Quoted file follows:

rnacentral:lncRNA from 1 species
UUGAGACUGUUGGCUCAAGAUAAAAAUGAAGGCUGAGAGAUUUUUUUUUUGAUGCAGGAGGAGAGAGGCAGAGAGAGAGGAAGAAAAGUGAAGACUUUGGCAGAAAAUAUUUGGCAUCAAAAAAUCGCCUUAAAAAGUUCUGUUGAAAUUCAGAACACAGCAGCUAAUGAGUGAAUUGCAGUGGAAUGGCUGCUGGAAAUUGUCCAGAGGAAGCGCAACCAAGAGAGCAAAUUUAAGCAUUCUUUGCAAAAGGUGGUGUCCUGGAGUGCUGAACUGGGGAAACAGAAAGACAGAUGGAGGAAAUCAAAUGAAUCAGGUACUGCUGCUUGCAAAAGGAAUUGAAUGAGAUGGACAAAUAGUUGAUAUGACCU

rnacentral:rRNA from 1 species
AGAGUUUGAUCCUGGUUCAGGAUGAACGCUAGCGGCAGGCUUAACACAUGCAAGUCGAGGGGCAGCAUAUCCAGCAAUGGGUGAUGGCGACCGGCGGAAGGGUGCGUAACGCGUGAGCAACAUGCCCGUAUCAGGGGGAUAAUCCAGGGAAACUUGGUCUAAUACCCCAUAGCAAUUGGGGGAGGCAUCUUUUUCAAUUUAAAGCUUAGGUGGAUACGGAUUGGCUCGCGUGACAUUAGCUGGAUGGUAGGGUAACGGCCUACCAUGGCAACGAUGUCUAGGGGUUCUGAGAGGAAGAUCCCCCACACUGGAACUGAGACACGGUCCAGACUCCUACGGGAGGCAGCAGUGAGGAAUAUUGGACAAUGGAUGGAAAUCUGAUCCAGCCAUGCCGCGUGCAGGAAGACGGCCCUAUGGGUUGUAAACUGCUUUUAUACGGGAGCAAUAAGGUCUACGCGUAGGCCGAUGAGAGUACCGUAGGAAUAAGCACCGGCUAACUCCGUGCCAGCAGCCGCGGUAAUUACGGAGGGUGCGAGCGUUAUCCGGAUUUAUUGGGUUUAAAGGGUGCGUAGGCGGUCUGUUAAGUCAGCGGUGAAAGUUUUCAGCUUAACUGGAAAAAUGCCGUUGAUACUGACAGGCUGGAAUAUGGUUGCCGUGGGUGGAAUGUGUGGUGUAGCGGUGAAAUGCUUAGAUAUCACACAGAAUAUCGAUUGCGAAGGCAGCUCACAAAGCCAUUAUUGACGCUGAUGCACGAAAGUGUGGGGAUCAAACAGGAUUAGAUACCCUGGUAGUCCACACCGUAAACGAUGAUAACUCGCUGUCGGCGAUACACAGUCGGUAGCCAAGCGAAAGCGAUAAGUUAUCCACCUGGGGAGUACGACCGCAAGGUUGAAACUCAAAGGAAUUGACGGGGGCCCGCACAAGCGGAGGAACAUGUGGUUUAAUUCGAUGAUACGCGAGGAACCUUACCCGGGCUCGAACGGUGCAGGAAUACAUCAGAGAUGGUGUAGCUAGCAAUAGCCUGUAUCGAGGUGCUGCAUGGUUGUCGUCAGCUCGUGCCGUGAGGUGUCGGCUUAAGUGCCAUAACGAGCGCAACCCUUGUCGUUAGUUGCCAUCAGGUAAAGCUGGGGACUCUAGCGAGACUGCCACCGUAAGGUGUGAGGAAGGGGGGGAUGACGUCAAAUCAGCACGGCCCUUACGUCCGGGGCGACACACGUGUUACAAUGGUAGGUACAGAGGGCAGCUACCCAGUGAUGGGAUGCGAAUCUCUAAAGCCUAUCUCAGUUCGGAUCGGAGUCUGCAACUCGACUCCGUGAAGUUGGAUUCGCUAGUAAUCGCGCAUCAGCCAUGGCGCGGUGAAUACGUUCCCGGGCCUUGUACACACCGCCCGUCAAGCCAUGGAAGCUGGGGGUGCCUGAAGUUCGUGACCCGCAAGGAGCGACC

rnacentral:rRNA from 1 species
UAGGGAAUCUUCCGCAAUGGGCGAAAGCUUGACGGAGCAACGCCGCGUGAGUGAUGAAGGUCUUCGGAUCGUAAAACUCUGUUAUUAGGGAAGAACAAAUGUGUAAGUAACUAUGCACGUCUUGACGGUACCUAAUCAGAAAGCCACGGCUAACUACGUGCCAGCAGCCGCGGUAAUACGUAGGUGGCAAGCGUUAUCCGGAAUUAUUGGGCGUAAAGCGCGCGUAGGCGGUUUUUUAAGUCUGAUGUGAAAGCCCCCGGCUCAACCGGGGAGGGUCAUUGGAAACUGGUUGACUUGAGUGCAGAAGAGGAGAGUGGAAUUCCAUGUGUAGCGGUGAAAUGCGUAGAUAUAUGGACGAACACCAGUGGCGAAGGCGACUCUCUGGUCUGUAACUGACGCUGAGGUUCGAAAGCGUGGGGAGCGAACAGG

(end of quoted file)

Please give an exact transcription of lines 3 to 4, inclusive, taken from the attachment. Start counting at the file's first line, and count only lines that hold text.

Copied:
rnacentral:rRNA from 1 species
AGAGUUUGAUCCUGGUUCAGGAUGAACGCUAGCGGCAGGCUUAACACAUGCAAGUCGAGGGGCAGCAUAUCCAGCAAUGGGUGAUGGCGACCGGCGGAAGGGUGCGUAACGCGUGAGCAACAUGCCCGUAUCAGGGGGAUAAUCCAGGGAAACUUGGUCUAAUACCCCAUAGCAAUUGGGGGAGGCAUCUUUUUCAAUUUAAAGCUUAGGUGGAUACGGAUUGGCUCGCGUGACAUUAGCUGGAUGGUAGGGUAACGGCCUACCAUGGCAACGAUGUCUAGGGGUUCUGAGAGGAAGAUCCCCCACACUGGAACUGAGACACGGUCCAGACUCCUACGGGAGGCAGCAGUGAGGAAUAUUGGACAAUGGAUGGAAAUCUGAUCCAGCCAUGCCGCGUGCAGGAAGACGGCCCUAUGGGUUGUAAACUGCUUUUAUACGGGAGCAAUAAGGUCUACGCGUAGGCCGAUGAGAGUACCGUAGGAAUAAGCACCGGCUAACUCCGUGCCAGCAGCCGCGGUAAUUACGGAGGGUGCGAGCGUUAUCCGGAUUUAUUGGGUUUAAAGGGUGCGUAGGCGGUCUGUUAAGUCAGCGGUGAAAGUUUUCAGCUUAACUGGAAAAAUGCCGUUGAUACUGACAGGCUGGAAUAUGGUUGCCGUGGGUGGAAUGUGUGGUGUAGCGGUGAAAUGCUUAGAUAUCACACAGAAUAUCGAUUGCGAAGGCAGCUCACAAAGCCAUUAUUGACGCUGAUGCACGAAAGUGUGGGGAUCAAACAGGAUUAGAUACCCUGGUAGUCCACACCGUAAACGAUGAUAACUCGCUGUCGGCGAUACACAGUCGGUAGCCAAGCGAAAGCGAUAAGUUAUCCACCUGGGGAGUACGACCGCAAGGUUGAAACUCAAAGGAAUUGACGGGGGCCCGCACAAGCGGAGGAACAUGUGGUUUAAUUCGAUGAUACGCGAGGAACCUUACCCGGGCUCGAACGGUGCAGGAAUACAUCAGAGAUGGUGUAGCUAGCAAUAGCCUGUAUCGAGGUGCUGCAUGGUUGUCGUCAGCUCGUGCCGUGAGGUGUCGGCUUAAGUGCCAUAACGAGCGCAACCCUUGUCGUUAGUUGCCAUCAGGUAAAGCUGGGGACUCUAGCGAGACUGCCACCGUAAGGUGUGAGGAAGGGGGGGAUGACGUCAAAUCAGCACGGCCCUUACGUCCGGGGCGACACACGUGUUACAAUGGUAGGUACAGAGGGCAGCUACCCAGUGAUGGGAUGCGAAUCUCUAAAGCCUAUCUCAGUUCGGAUCGGAGUCUGCAACUCGACUCCGUGAAGUUGGAUUCGCUAGUAAUCGCGCAUCAGCCAUGGCGCGGUGAAUACGUUCCCGGGCCUUGUACACACCGCCCGUCAAGCCAUGGAAGCUGGGGGUGCCUGAAGUUCGUGACCCGCAAGGAGCGACC